While I enjoy research, my real passion as a scholar is teaching. Fortunately, I have had opportunities to teach at the University of Toronto and other prominent Canadian institutions. For each of my courses, I designed the syllabus, created the assignments, delivered lectures, and interacted with students one-on-one. These have been perhaps the most rewarding experiences of my academic career.
Most recently, I was delighted to teach “Astronomical Revolutions”, a course on the historical development of astronomy and cosmology, in the Department of Chemical & Physical Sciences at the University of Toronto Mississauga. You can see the syllabus here.
During my PhD, I taught two courses at U of T’s Institute for the History and Philosophy of Science and Technology (IHPST). One of these was “Scientific Revolutions I”, the IHPST’s survey course on the history of science from antiquity to the year 1800. During the course, we covered not only the developments within science, but also the effects on science of a wide range of other factors, including politics, religion, new inventions and institutions, and contact between cultures. You can see the syllabus here.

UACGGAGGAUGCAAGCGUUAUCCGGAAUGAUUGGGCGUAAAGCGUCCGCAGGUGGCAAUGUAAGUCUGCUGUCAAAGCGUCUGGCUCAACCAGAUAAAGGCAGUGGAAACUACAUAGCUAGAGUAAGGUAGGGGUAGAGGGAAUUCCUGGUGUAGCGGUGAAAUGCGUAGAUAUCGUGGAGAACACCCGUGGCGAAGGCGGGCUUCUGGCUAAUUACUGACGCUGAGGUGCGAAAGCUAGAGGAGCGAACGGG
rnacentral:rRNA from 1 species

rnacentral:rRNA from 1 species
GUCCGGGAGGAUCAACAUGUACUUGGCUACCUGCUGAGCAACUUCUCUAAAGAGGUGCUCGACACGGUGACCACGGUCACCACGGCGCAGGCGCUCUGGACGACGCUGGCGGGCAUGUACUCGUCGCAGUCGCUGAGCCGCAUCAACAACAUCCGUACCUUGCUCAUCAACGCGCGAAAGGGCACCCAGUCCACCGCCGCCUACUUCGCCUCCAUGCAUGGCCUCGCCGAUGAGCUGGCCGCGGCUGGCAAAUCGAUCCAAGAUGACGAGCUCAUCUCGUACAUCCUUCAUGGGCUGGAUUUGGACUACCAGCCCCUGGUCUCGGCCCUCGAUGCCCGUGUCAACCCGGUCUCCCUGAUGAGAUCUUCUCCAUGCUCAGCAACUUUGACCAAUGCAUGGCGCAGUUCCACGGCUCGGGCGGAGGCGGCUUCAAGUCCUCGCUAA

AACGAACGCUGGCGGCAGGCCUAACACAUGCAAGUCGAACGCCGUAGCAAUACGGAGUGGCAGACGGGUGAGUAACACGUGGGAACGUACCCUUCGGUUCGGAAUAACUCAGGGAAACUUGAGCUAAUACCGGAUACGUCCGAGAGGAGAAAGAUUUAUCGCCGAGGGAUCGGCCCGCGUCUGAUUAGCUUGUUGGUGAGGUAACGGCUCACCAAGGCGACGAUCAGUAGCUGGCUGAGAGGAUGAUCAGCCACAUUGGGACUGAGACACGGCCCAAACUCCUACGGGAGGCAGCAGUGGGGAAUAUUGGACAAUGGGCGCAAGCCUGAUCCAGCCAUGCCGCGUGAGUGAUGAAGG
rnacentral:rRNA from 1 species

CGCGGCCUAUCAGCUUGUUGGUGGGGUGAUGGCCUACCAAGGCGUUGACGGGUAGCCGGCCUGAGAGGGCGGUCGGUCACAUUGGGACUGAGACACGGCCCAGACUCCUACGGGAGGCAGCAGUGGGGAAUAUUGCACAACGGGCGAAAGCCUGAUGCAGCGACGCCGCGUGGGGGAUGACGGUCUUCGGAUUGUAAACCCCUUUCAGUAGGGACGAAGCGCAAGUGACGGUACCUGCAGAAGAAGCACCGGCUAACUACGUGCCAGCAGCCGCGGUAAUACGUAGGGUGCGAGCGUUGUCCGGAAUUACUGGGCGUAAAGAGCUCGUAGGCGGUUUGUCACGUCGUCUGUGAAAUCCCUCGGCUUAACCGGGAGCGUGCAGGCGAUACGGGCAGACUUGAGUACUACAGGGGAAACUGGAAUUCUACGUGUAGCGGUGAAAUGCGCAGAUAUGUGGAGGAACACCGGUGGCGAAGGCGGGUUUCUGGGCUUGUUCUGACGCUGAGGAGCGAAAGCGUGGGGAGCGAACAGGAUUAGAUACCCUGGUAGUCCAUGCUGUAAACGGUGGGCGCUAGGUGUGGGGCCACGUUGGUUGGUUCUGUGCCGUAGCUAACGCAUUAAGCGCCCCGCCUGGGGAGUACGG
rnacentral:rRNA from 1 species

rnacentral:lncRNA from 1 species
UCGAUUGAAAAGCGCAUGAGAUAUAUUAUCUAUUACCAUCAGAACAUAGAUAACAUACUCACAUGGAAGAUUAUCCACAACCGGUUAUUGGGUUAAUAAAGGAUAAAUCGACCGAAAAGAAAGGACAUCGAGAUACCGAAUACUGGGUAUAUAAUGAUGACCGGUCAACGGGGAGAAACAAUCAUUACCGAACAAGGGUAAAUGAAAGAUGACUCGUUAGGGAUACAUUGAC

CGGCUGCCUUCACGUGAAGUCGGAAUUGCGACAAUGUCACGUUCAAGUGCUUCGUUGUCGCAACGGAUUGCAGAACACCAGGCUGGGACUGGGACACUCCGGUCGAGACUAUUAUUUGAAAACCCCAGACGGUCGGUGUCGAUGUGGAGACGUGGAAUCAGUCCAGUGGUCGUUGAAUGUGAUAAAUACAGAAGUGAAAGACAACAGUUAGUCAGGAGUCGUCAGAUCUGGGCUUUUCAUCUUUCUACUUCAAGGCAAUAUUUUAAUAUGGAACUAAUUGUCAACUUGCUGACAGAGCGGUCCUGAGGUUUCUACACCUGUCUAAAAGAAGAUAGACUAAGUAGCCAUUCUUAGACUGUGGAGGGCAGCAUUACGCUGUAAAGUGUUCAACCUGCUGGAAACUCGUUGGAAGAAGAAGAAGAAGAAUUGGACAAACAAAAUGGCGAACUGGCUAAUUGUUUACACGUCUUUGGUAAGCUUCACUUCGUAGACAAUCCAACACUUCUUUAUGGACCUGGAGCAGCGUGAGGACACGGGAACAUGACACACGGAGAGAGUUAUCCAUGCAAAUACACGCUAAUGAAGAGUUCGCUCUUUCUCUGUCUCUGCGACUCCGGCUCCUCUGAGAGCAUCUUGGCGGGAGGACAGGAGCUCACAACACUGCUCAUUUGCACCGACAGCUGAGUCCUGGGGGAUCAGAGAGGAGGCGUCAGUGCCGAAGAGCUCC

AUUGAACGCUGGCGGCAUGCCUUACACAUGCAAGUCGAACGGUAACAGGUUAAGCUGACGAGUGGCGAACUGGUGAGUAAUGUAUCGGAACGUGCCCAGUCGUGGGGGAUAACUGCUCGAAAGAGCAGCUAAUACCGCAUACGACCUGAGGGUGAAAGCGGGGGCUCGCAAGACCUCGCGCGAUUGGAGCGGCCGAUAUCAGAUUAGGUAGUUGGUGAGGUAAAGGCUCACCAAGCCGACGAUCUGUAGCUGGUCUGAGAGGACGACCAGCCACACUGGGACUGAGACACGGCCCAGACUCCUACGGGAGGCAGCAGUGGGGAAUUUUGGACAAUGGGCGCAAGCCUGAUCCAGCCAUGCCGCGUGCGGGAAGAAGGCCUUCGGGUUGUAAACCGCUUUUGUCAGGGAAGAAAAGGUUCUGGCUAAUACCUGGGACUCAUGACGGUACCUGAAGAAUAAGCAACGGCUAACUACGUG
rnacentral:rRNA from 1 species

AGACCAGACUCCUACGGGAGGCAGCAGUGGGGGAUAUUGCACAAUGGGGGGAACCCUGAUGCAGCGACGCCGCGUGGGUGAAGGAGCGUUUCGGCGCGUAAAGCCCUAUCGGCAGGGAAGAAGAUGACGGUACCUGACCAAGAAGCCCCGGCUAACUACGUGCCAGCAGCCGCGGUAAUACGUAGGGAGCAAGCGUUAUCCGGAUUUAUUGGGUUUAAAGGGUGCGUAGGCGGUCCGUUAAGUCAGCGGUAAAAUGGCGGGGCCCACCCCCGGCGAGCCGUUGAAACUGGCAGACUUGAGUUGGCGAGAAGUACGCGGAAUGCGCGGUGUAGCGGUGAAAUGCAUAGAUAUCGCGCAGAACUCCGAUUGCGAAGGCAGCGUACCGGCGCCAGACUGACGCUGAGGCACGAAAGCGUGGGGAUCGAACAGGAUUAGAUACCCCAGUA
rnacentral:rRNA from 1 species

In addition, in 2015 I taught a third-year undergraduate course entitled “History of Science and Religion”. This more specialized course addressed the history and historiography of the complex science-religion relationship from antiquity to the twentieth century. You can see the syllabus here.
As a teacher, I strive to make history accessible, relevant, and enjoyable to all students, whether their academic background is in the humanities or the sciences. For more on my teaching philosophy, you can read my statement here.